The measurement of the difference between these orbitals comes from a theory related to superconductors, a quantum phenomenon called superexchange. This is the force resulting from the ability of electrons to jump between atomic orbitals to have a lower energy state. Some point down and some point up while remaining around the core. Thus, superexchange establishes a regular pattern of electrons in certain materials, causing them to stay a certain distance apart, but not too far apart. It is this effective attraction that could form strong Cooper pairs.

The second method measures the magnitude of the electron pair wave function (superconductivity strength) of each oxygen atom and each copper atom.

Professor Davies said in a statement: “By visualizing the strength of superconductivity as a function of differences between orbital energies, we have for the first time been able to accurately measure the relationship needed to confirm or disprove one of the main theories of superconductivity.” temperature superconductivity on the atomic scale”.

As predicted by theory, the results showed a quantitative inverse relationship between the difference in charge transfer energy between neighboring oxygen and copper atoms and the strength of superconductivity. The easier it is for electrons to jump from one place to another, between the copper and oxygen atoms in a given cuprate, the higher its critical temperature and its superconductivity.

Atom-by-atom scanning of the BSCCO crystal. In regions where electrons require more energy to jump between neighboring atoms (bright pink bands 2.6 nanometers apart, left), the electrons form fewer superconducting Cooper pairs (dark bands, right). © S. Davis et al., 2022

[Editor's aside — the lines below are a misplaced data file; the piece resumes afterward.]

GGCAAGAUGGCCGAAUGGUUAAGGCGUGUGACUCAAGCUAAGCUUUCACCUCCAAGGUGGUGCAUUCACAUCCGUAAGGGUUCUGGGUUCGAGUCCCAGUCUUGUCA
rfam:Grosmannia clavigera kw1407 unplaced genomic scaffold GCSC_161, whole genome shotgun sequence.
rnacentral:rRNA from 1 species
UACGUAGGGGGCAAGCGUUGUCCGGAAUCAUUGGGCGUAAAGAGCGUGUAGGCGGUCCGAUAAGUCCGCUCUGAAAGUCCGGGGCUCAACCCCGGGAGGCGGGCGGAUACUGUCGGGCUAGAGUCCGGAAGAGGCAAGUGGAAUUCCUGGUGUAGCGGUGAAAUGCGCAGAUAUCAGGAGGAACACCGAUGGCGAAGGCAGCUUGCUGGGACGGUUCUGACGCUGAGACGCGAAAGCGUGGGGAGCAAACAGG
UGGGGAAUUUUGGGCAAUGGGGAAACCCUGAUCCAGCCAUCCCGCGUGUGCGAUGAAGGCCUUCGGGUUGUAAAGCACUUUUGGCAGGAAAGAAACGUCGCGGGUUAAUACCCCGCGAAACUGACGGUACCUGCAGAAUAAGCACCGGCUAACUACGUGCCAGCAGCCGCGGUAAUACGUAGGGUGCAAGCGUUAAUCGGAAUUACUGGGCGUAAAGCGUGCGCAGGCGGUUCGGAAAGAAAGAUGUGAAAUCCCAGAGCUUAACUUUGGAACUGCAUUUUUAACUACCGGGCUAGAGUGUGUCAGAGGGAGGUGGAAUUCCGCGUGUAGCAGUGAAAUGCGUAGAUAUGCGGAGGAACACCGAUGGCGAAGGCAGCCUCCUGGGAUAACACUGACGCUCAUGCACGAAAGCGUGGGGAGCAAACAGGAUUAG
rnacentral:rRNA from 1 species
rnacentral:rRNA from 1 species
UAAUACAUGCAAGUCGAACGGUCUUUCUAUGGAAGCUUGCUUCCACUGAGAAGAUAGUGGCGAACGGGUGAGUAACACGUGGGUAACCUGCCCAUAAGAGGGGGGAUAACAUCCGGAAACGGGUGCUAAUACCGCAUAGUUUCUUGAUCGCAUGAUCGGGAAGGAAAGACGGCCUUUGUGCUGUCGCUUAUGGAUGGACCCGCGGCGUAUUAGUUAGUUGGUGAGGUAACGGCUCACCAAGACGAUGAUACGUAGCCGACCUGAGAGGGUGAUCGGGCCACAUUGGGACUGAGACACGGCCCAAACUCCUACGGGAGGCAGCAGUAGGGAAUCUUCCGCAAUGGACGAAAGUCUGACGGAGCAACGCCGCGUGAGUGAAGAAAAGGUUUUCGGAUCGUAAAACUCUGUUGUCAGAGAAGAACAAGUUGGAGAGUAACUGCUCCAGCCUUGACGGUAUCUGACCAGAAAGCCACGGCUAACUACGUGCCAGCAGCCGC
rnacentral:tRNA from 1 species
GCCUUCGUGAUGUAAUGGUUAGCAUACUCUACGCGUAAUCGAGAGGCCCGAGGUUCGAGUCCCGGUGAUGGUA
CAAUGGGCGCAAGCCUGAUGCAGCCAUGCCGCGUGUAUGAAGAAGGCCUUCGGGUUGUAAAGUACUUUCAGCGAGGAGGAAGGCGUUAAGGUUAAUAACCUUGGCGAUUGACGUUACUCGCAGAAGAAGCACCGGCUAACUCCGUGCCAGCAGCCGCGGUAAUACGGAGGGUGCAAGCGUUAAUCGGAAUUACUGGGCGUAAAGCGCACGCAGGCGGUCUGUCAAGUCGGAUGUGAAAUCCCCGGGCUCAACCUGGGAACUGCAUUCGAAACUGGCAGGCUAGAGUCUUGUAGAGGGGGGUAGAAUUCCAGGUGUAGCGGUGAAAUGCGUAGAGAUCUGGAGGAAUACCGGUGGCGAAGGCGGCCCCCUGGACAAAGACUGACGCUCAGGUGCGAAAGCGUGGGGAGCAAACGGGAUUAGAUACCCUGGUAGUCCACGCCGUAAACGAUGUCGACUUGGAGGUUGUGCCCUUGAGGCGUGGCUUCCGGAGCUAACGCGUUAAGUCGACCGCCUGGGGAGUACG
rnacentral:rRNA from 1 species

Applications for a prosperous energy future

According to a research team led by Shane O’Mahony of University College Cork, the discovery could be a historic step towards the development of room-temperature superconductors.

Indeed, they may have large scale applications such as maglev trains (or maglev trains). The latter use a method of movement based on magnets rather than wheels, axles and bearings. From a practical point of view, the vehicle is levitated a short distance from the track using magnets to generate both lift and thrust, since, like conventional magnets, superconducting magnets repel each other when their respective poles are facing each other.

This discovery can also be used for nuclear fusion reactors, quantum computers and high-energy particle accelerators, as well as at the level of ultra-efficient energy transfer and storage.

The authors explain that electrical resistance is minimized in superconducting materials because the electrons carrying the current are bound in stable Cooper pairs. In low-temperature superconductors, Cooper pairs are held together by thermal vibrations, but at higher temperatures they become too unstable.

These new results demonstrate that in high-temperature superconductors, the Cooper pairs are instead held together by magnetic interactions, and the electron pairs are bound by quantum bonding through an intermediate oxygen atom.

Professor Davis concludes: “This has been one of the holy grails of physics research for almost 40 years. Many believe that cheap and readily available superconductors operating at room temperature will be as revolutionary for human civilization as the advent of electricity itself.